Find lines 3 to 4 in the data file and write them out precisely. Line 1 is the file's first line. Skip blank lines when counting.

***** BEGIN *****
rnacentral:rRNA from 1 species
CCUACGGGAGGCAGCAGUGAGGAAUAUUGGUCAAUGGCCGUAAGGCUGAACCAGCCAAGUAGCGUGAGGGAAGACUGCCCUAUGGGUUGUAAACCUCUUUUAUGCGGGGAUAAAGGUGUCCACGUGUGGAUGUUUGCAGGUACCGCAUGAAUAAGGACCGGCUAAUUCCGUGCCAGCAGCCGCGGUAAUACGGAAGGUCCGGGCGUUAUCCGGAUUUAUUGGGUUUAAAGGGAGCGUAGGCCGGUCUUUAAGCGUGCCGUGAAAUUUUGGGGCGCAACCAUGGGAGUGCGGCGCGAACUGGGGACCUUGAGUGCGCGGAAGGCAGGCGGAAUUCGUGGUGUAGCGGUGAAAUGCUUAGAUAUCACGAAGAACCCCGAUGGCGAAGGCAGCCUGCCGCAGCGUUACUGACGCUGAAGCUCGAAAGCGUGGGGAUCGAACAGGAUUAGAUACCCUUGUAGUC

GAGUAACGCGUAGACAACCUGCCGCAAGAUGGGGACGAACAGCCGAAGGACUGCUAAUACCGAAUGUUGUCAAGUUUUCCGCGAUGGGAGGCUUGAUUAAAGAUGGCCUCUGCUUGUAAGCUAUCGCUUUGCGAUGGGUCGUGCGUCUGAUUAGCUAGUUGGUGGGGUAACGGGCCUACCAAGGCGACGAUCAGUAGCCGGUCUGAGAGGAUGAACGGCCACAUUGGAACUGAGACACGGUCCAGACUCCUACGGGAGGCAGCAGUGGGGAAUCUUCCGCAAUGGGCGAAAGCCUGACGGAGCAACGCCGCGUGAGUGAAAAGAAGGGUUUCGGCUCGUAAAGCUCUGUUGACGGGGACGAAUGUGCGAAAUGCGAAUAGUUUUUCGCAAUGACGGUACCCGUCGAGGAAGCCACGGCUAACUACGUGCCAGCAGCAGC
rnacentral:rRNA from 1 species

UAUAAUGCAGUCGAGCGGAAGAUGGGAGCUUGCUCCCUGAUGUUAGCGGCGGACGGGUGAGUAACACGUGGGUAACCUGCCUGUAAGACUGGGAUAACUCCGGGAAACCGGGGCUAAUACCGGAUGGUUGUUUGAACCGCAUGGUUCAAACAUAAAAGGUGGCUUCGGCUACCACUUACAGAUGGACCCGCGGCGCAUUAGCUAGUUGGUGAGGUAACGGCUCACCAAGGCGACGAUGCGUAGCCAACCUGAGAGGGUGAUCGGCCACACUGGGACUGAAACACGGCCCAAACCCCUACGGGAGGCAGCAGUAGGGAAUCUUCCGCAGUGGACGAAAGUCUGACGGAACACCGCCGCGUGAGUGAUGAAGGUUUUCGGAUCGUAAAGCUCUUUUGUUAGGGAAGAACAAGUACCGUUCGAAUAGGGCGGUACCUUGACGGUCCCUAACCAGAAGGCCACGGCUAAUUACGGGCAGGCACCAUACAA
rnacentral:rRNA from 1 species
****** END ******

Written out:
GAGUAACGCGUAGACAACCUGCCGCAAGAUGGGGACGAACAGCCGAAGGACUGCUAAUACCGAAUGUUGUCAAGUUUUCCGCGAUGGGAGGCUUGAUUAAAGAUGGCCUCUGCUUGUAAGCUAUCGCUUUGCGAUGGGUCGUGCGUCUGAUUAGCUAGUUGGUGGGGUAACGGGCCUACCAAGGCGACGAUCAGUAGCCGGUCUGAGAGGAUGAACGGCCACAUUGGAACUGAGACACGGUCCAGACUCCUACGGGAGGCAGCAGUGGGGAAUCUUCCGCAAUGGGCGAAAGCCUGACGGAGCAACGCCGCGUGAGUGAAAAGAAGGGUUUCGGCUCGUAAAGCUCUGUUGACGGGGACGAAUGUGCGAAAUGCGAAUAGUUUUUCGCAAUGACGGUACCCGUCGAGGAAGCCACGGCUAACUACGUGCCAGCAGCAGC
rnacentral:rRNA from 1 species